Upset by deer culling scene

Wednesday, Jan. 10 was a day I’ll never forget. It was 10:45 p.m. when on Bells Mill Road I came upon a gruesome sight.

Traffic had slowed down because two vehicles had pulled over. One was a pickup truck, which I quickly realized was our federal government’s Wildlife Services, which has been killing deer in Fairmount Park since 2001. The other, a dark-colored vehicle, accompanied Wildlife Services to ensure noninterference with the project.

A number of deer lured with bait placed about 40 feet at most from the road had been killed and loaded onto the truck in plain sight. The scene was thoroughly disgusting and most distressing.

I entered into a discussion with a man there who said he was with Parks and Recreation. One comment he made was not well received. He said that the deer on the truck would now not get hit by cars. I fired back that placing bait so close to roads puts motorists and deer at risk. As I drove away I said to them in a very loud voice that enough is enough.

As long as this siege continues, discretion must be used as Wildlife Services goes about its dirty business.

Bridget Irons
Chestnut Hill


Thanks for park help

The Mt. Airy Playground Advisory Council wants to extend a huge thank you to the 30 plus volunteers who came to clean the playground on MLK Day, and to High Point Café for sending delicious breakfast and lunch items for these volunteers.

Grounds were raked, closets organized, tables covered, etc., all in an effort to better serve the Mt. Airy community.

With Lovett Library’s renovation complete, both neighborhood resources will have great programs to offer. A few pizzas from Golden Crust as we closed up our session were an extra bonus (The young football players on site were delighted).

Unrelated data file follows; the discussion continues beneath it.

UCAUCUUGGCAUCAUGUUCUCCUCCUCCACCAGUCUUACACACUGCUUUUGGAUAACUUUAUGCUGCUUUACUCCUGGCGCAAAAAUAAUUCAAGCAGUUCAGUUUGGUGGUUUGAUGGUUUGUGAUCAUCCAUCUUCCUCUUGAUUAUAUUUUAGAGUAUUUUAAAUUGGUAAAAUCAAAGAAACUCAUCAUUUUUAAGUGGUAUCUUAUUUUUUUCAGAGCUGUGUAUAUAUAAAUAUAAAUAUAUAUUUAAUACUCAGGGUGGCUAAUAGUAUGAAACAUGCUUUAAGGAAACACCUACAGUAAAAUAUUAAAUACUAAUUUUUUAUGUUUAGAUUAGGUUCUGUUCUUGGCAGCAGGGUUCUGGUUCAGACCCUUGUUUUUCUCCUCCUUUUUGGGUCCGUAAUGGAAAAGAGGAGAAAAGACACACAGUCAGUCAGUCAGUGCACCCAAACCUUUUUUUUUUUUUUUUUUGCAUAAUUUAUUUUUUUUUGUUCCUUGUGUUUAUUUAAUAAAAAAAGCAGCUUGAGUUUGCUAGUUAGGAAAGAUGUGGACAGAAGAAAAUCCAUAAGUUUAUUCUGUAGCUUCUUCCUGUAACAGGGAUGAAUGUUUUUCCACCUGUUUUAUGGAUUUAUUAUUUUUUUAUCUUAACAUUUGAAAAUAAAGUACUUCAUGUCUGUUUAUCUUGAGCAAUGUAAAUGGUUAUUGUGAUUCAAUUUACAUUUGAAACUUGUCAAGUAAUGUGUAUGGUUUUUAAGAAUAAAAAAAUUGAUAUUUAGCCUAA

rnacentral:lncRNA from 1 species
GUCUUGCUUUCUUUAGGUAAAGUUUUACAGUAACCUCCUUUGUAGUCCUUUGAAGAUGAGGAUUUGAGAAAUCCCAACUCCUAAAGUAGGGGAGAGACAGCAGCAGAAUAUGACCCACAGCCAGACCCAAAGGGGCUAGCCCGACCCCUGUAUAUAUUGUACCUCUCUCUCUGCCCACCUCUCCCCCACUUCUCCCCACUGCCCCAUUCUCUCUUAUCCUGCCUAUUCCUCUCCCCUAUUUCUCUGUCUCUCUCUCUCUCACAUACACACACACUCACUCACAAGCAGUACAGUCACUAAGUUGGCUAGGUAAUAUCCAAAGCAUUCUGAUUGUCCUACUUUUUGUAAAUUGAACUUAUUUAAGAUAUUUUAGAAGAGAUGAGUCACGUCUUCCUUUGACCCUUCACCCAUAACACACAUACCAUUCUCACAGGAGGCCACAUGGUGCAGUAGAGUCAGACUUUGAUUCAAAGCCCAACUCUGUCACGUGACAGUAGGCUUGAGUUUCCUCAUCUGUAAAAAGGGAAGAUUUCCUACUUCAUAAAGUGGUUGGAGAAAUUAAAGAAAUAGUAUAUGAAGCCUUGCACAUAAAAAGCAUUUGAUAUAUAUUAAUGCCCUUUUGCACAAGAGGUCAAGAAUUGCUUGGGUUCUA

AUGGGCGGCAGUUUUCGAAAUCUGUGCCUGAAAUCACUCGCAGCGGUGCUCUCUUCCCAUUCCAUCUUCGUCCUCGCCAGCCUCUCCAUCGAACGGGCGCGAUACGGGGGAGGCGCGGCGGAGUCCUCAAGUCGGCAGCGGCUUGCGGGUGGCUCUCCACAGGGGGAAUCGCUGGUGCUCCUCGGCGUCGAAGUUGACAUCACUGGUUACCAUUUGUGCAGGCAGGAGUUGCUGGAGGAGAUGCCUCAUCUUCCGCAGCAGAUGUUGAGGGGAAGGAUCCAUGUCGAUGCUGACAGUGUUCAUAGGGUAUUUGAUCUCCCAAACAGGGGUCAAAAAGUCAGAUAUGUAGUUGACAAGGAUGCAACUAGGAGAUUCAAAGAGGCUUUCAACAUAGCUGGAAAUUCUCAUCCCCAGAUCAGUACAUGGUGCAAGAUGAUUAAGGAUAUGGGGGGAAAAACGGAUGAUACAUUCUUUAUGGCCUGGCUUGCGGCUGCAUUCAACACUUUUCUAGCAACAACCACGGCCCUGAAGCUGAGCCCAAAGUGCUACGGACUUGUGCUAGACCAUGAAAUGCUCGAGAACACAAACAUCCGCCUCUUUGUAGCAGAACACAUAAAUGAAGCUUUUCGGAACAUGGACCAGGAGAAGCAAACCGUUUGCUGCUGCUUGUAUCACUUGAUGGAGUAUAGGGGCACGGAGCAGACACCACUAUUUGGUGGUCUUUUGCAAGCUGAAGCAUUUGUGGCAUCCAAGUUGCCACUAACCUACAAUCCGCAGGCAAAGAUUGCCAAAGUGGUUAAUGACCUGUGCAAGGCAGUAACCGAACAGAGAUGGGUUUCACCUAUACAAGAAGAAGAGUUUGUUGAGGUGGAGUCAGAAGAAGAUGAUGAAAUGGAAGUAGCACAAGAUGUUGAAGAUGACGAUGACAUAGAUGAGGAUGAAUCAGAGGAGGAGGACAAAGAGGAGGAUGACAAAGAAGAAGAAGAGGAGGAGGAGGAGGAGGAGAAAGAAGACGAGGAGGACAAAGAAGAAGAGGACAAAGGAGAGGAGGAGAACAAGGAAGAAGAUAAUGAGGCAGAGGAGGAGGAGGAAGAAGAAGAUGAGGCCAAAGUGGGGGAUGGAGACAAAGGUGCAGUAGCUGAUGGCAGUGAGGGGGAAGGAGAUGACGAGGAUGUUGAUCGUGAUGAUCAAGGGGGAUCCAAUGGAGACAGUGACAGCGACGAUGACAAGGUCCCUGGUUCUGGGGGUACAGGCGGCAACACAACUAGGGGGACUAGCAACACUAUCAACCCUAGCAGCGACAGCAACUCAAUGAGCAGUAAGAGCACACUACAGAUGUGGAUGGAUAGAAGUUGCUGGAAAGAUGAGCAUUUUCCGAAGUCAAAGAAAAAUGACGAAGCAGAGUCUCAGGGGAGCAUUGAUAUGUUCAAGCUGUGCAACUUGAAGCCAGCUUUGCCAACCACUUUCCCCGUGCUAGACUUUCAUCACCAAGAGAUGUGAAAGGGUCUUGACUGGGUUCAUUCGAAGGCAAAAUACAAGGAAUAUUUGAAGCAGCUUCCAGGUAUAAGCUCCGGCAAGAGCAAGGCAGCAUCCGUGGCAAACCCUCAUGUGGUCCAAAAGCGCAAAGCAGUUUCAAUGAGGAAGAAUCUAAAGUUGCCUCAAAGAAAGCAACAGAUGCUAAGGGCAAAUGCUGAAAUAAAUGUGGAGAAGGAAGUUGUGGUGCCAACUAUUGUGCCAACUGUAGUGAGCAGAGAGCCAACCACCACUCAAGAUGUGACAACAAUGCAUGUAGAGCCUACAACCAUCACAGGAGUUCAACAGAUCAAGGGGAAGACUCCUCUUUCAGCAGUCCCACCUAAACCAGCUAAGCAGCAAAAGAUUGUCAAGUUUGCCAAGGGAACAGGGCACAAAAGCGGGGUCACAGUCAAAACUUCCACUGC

Susan Haidar
Supervisor, Mt. Airy Playground

  • Chris Thomas

    “the deer on the truck would now not get hit by cars.” What an uncouth statement by this man who shows absolutely no sympathy or mercy for another living being. Deer cross roads very carefully and wait for cars to pass unless a human sits in the woods ready to shoot them which they sense. Does this guy think deer can’t feel pain? Killing another being for sport or just to kill them because they exist like USDA WS does with Parks cleaning up for them is not healthy human behavior.

    • Tiny

      The problem is that we killed all of the deers natural predators – mainly mountain lions. This was because they are dangerous to us also.

      Now, I don’t enjoy suffering of animals – I’m a vegetarian for that very reason. However, car / deer related accidents is a thing… and it is directly related to over population of deer. My understanding is that these deer are not wasted, but rather used for food etc.

      • Chris Thomas

        Deer have predators. Foxes, coyotes, (bob cats and bear in the woods). To reduce deer/car accidents, speeding shouldn’t happen especially in the middle of the night or early hours while driving on a road through the woods such as Bells Mills. But hardly any deer are ever seen in the Wissahickon Park, so the overpopulation excuse is most likely just that – an excuse to kill them.

        Don’t forget, the lead bullets used by USDA WS break into hundreds of fragments some so small, they can’t be seen by a radio-graph. These are ingested along with deer meat by unsuspecting disadvantaged children, adults and even prisoners held by the state. 60% of ground deer meat contain lead fragments that will possible interfere with renal, endocrine, cardiovascular and nervous systems by mimicking calcium in the body. It’s great you’re a vegetarian!

        • Tiny

          I don’t think there are any coyotes in the wiss. and foxes aren’t likely to take down a full grown deer.

          I never heard anything about the bullet thing… don’t hunters use the same bullets?

          Again, I’m not saying it’s right to kill animals… just saying, there are reasons.